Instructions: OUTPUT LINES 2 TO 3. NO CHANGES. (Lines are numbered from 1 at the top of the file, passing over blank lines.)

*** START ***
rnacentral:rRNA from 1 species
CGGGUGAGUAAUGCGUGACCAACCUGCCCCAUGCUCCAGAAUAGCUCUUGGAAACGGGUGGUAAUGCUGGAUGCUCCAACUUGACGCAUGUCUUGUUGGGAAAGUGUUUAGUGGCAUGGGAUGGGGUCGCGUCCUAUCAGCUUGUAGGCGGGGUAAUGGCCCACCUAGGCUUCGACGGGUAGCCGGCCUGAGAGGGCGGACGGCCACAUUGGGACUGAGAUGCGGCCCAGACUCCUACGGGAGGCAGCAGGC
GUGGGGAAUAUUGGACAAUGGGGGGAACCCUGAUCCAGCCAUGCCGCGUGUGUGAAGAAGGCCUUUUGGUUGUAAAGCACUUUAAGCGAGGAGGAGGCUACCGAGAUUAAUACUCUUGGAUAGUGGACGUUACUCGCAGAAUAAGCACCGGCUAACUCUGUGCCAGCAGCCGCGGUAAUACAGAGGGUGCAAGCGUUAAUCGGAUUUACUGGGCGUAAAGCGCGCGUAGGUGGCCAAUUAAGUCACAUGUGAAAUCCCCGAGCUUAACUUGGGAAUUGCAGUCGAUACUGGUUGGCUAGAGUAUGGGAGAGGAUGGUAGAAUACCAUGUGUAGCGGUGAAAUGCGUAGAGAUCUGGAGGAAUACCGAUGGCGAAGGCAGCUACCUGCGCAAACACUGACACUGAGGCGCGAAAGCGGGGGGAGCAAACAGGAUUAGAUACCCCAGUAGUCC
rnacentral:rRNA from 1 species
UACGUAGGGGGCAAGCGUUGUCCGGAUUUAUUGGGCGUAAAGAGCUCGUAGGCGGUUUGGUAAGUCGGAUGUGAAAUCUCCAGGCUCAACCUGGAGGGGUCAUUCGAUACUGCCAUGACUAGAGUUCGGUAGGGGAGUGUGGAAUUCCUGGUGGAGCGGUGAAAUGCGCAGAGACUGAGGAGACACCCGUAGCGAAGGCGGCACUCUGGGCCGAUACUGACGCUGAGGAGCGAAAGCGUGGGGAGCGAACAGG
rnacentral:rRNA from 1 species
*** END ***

CGGGUGAGUAAUGCGUGACCAACCUGCCCCAUGCUCCAGAAUAGCUCUUGGAAACGGGUGGUAAUGCUGGAUGCUCCAACUUGACGCAUGUCUUGUUGGGAAAGUGUUUAGUGGCAUGGGAUGGGGUCGCGUCCUAUCAGCUUGUAGGCGGGGUAAUGGCCCACCUAGGCUUCGACGGGUAGCCGGCCUGAGAGGGCGGACGGCCACAUUGGGACUGAGAUGCGGCCCAGACUCCUACGGGAGGCAGCAGGC
GUGGGGAAUAUUGGACAAUGGGGGGAACCCUGAUCCAGCCAUGCCGCGUGUGUGAAGAAGGCCUUUUGGUUGUAAAGCACUUUAAGCGAGGAGGAGGCUACCGAGAUUAAUACUCUUGGAUAGUGGACGUUACUCGCAGAAUAAGCACCGGCUAACUCUGUGCCAGCAGCCGCGGUAAUACAGAGGGUGCAAGCGUUAAUCGGAUUUACUGGGCGUAAAGCGCGCGUAGGUGGCCAAUUAAGUCACAUGUGAAAUCCCCGAGCUUAACUUGGGAAUUGCAGUCGAUACUGGUUGGCUAGAGUAUGGGAGAGGAUGGUAGAAUACCAUGUGUAGCGGUGAAAUGCGUAGAGAUCUGGAGGAAUACCGAUGGCGAAGGCAGCUACCUGCGCAAACACUGACACUGAGGCGCGAAAGCGGGGGGAGCAAACAGGAUUAGAUACCCCAGUAGUCC